Got a question for Michelle Thaller? Ask it here!

NASA astronomer Michelle Thaller is coming back to Big Think's studio soon to answer YOUR questions! Here's all you need to know to submit your science-related inquiries.

Big Think's amazing audience has responded so well to our videos from NASA astronomer Michelle Thaller that we couldn't wait to bring her back for more!

This March, she's ready to tackle any questions you're willing to throw at her, such as, "How big is the universe?" or "Am I really made of stardust?" or, "How long until Elon Musk starts a colony on Mars?"

All you have to do is submit your questions to the form below, and we'll use them for an upcoming Q+A session with Michelle. You know what to do, Big Thinkers!


Here's a question Michelle answered from a Big Thinker!

Here are more great questions submitted by you, our awesome audience!

Ask a NASA astronomer! Would scientists tell us about a looming apocalypse?

There is no "center" to the universe, and the Big Bang wasn't an explosion. Michelle explains all.

How futuristic ion rockets might supercharge space exploration

How self-healing DNA may protect astronauts from killer radiation

Art vs. science? The battle that never was

More From Big Think
Related Articles

Is it ethical to pay people to get vaccinated?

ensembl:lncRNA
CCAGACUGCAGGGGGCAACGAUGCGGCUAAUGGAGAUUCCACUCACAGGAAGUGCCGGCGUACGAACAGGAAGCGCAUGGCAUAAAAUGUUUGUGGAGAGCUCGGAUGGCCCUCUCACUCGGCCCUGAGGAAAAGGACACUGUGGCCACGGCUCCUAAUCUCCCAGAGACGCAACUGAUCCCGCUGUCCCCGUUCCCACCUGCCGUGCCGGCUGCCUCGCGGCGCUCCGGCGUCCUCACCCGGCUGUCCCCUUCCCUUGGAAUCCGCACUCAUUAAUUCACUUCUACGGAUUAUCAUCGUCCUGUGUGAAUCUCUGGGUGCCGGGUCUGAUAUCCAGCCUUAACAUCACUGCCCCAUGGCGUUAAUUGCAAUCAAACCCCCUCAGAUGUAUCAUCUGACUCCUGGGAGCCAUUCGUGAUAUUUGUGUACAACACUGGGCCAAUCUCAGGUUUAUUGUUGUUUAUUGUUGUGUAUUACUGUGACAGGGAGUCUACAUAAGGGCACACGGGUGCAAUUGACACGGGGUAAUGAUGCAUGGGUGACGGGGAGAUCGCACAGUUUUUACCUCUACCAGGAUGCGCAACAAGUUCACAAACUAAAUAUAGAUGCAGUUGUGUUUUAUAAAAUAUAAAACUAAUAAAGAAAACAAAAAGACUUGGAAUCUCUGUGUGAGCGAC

It could lead to a massive uptake in those previously hesitant.

Ian Forsyth/Getty Images
Coronavirus

A financial shot in the arm could be just what is needed for Americans unsure about vaccination.

Keep reading Show less

Every 27.5 million years, the Earth’s heart beats catastrophically

Geologists discover a rhythm to major geologic events.

Credit: desertsolitaire/Adobe Stock
Surprising Science
  • It appears that Earth has a geologic "pulse," with clusters of major events occurring every 27.5 million years.
  • Working with the most accurate dating methods available, the authors of the study constructed a new history of the last 260 million years.
  • Exactly why these cycles occur remains unknown, but there are some interesting theories.
Keep reading Show less

Galactic wind from early universe detected

Researchers discovered a galactic wind from a supermassive black hole that sheds light on the evolution of galaxies.

Credit: ALMA (ESO/NAOJ/NRAO)
Surprising Science
  • A new study finds the oldest galactic wind yet detected, from 13.1 billion years ago.
  • The research confirms the theory that black holes and galaxies evolve together.
  • The galactic wind was spotted using the Atacama Large Millimeter/submillimeter Array in Chile.
Keep reading Show less
Quantcast